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Pages of republic (books 6 - 10)



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republic (books 6 - 10)   


ness of learning and knowing truth.

Then the lover of wisdom has a great advantage over the
lover of gain, for he has a double experience?

Yes, very great.

Again, has he greater experience of the pleasures of honor,
or the lover of honor of the pleasures of wisdom?

Nay, he said, all three are honored in proportion as they
attain their object; for the rich man and the brave man and
the wise man alike have their crowd of admirers, and as they
all receive honor they all have experience of the pleasures of
honor; but the delight which is to be found in the knowledge
of true being is known to the philosopher only.

His experience, then, will enable him to judge better than
anyone?

Far better.

And he is the only one who has wisdom as well as experi-
ence?

Certainly.

Further, the very faculty which is the instrument of judg-
ment is not possessed by the covetous or ambitious man, but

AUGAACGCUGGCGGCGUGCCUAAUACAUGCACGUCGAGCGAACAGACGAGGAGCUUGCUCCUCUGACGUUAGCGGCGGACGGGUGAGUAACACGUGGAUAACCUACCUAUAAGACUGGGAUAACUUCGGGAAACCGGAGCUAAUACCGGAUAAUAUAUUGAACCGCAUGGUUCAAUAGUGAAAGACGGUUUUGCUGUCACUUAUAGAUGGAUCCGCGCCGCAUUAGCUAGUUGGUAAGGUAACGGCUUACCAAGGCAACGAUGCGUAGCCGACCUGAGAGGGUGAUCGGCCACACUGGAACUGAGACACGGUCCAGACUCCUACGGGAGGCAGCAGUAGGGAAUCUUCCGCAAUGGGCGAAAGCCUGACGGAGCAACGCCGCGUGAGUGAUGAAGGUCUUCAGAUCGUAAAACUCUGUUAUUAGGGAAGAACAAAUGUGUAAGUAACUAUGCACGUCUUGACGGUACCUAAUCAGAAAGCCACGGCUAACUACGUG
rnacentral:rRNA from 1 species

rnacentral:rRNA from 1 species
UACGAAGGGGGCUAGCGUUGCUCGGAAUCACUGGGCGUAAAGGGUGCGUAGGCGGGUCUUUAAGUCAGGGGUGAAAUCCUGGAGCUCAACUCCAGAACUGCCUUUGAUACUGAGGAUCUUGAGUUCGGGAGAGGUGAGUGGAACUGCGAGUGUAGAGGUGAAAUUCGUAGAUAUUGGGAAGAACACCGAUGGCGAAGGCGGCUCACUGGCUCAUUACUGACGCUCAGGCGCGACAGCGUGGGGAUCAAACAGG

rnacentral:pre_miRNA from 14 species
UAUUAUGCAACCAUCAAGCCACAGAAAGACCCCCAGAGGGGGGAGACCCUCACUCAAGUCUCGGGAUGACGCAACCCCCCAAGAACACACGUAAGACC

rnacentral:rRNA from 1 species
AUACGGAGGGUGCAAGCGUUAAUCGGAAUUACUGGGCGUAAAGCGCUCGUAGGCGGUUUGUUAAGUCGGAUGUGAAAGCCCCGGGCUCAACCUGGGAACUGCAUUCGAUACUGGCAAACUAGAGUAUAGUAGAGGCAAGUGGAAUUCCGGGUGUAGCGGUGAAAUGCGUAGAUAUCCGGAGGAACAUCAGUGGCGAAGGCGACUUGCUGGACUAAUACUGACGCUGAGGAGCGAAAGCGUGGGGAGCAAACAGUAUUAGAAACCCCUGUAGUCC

only by the philosopher?

What faculty?

Reason, with whom, as we were saying, the decision ought
to rest.

Yes.

And reasoning is peculiarly his instrument?

Certainly.

If wealth and gain were the criterion, then the praise or
blame of the lover of gain would surely be the most trust-
worthy?

Assuredly.

Or if honor, or victory, or courage, in that case the judg-
ment of the ambitious or pugnacious would be the truest?

Clearly.

But since experience and wisdom and reason are the
judges--

The only inference possible, he replied, is that pleasures
which are approved by the lover of wisdom and reason are
the truest.

And so we arrive at the result, that the pleasure of the in-
telligent part of the soul is the pleasantest of the three, and
that he of us in whom this is the ruling principle has the
pleasantest life.

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